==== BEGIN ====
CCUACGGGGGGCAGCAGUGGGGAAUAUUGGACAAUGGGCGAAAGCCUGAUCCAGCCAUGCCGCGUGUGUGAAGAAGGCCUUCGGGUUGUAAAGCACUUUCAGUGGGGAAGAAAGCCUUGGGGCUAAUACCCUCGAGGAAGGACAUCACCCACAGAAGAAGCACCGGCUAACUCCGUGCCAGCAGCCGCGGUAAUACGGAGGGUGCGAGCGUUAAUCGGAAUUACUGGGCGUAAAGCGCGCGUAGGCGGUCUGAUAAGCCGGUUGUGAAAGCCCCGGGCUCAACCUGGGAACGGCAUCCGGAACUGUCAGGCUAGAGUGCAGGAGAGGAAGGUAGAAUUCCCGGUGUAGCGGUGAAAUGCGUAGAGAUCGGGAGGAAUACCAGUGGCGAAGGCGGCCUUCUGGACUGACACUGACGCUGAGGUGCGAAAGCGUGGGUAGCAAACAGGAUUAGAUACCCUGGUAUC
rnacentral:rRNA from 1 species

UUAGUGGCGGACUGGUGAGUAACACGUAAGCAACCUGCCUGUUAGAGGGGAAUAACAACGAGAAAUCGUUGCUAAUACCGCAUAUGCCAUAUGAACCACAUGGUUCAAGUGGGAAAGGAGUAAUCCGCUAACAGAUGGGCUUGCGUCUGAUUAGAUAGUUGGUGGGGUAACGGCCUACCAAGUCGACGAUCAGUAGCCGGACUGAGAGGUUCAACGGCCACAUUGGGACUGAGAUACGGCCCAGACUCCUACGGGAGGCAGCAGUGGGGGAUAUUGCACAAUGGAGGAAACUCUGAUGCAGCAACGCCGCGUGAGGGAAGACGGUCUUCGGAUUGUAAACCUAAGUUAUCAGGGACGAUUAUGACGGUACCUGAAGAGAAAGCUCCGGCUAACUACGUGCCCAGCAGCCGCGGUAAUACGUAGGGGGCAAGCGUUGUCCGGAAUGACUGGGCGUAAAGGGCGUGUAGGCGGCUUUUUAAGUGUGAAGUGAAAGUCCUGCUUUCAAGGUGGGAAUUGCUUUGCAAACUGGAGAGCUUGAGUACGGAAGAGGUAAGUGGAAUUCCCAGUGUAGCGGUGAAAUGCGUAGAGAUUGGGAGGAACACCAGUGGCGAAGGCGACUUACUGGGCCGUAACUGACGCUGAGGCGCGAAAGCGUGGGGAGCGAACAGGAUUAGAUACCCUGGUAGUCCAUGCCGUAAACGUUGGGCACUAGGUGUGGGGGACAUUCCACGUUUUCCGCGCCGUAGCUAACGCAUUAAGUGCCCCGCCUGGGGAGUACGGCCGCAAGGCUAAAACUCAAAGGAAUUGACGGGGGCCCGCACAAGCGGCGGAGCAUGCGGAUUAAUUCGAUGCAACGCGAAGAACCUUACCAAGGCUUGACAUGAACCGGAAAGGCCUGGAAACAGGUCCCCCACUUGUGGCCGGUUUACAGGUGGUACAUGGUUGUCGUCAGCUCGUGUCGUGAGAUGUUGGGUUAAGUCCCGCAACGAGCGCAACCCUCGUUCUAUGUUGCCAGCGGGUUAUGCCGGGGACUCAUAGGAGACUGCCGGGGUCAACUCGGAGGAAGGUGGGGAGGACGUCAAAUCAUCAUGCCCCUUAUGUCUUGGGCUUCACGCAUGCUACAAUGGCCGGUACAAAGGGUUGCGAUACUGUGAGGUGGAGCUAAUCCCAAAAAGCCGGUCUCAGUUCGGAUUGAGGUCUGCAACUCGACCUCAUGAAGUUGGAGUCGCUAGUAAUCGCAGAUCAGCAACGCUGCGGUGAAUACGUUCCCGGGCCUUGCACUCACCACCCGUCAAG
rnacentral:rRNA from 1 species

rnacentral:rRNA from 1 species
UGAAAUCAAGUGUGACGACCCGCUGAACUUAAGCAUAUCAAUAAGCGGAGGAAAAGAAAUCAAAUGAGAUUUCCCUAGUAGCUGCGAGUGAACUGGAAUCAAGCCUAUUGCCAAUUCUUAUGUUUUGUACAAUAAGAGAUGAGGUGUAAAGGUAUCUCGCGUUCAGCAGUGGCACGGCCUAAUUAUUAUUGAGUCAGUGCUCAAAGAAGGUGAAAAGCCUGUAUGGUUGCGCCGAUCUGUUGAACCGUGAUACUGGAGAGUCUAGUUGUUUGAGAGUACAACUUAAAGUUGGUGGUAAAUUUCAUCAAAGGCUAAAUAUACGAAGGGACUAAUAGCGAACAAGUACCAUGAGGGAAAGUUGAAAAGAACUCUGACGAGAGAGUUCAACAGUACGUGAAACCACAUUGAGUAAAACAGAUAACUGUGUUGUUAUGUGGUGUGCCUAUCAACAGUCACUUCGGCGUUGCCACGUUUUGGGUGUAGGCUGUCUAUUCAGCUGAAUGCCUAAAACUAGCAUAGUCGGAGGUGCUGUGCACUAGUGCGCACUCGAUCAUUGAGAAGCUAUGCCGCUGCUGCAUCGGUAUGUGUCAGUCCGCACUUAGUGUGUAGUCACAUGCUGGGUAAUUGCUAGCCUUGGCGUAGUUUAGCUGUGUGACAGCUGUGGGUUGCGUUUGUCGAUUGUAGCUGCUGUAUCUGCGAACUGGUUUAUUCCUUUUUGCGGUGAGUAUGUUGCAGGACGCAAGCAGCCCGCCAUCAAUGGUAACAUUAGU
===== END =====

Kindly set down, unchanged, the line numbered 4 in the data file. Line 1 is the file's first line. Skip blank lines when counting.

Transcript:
rnacentral:rRNA from 1 species